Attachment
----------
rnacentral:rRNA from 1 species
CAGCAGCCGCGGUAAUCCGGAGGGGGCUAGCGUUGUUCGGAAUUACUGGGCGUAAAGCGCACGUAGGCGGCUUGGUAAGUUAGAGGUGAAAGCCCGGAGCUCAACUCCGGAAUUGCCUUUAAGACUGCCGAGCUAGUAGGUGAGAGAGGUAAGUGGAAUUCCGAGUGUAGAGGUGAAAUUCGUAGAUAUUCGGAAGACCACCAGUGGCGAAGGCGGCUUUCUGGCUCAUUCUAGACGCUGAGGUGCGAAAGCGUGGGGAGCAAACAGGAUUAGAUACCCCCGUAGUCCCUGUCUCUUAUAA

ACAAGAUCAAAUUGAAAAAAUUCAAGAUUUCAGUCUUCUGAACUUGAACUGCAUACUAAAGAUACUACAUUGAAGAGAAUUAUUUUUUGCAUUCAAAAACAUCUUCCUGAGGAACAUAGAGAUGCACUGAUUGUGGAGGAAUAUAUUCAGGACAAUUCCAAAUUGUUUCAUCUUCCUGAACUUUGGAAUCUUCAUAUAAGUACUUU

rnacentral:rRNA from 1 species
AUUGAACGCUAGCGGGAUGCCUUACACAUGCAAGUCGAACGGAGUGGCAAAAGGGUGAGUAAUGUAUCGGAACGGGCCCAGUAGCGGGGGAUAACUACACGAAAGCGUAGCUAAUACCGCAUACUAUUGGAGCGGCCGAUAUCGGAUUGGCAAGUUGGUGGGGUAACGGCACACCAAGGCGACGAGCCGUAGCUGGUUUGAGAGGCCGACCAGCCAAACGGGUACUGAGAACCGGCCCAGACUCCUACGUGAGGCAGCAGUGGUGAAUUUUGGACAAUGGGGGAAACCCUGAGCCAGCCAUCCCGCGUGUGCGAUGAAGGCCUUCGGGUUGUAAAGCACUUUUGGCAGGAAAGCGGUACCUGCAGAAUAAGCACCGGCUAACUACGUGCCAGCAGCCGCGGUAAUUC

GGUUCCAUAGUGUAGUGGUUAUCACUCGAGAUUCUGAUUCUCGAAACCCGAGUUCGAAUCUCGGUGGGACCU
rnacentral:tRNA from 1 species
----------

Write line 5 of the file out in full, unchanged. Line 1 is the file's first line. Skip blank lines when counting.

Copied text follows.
AUUGAACGCUAGCGGGAUGCCUUACACAUGCAAGUCGAACGGAGUGGCAAAAGGGUGAGUAAUGUAUCGGAACGGGCCCAGUAGCGGGGGAUAACUACACGAAAGCGUAGCUAAUACCGCAUACUAUUGGAGCGGCCGAUAUCGGAUUGGCAAGUUGGUGGGGUAACGGCACACCAAGGCGACGAGCCGUAGCUGGUUUGAGAGGCCGACCAGCCAAACGGGUACUGAGAACCGGCCCAGACUCCUACGUGAGGCAGCAGUGGUGAAUUUUGGACAAUGGGGGAAACCCUGAGCCAGCCAUCCCGCGUGUGCGAUGAAGGCCUUCGGGUUGUAAAGCACUUUUGGCAGGAAAGCGGUACCUGCAGAAUAAGCACCGGCUAACUACGUGCCAGCAGCCGCGGUAAUUC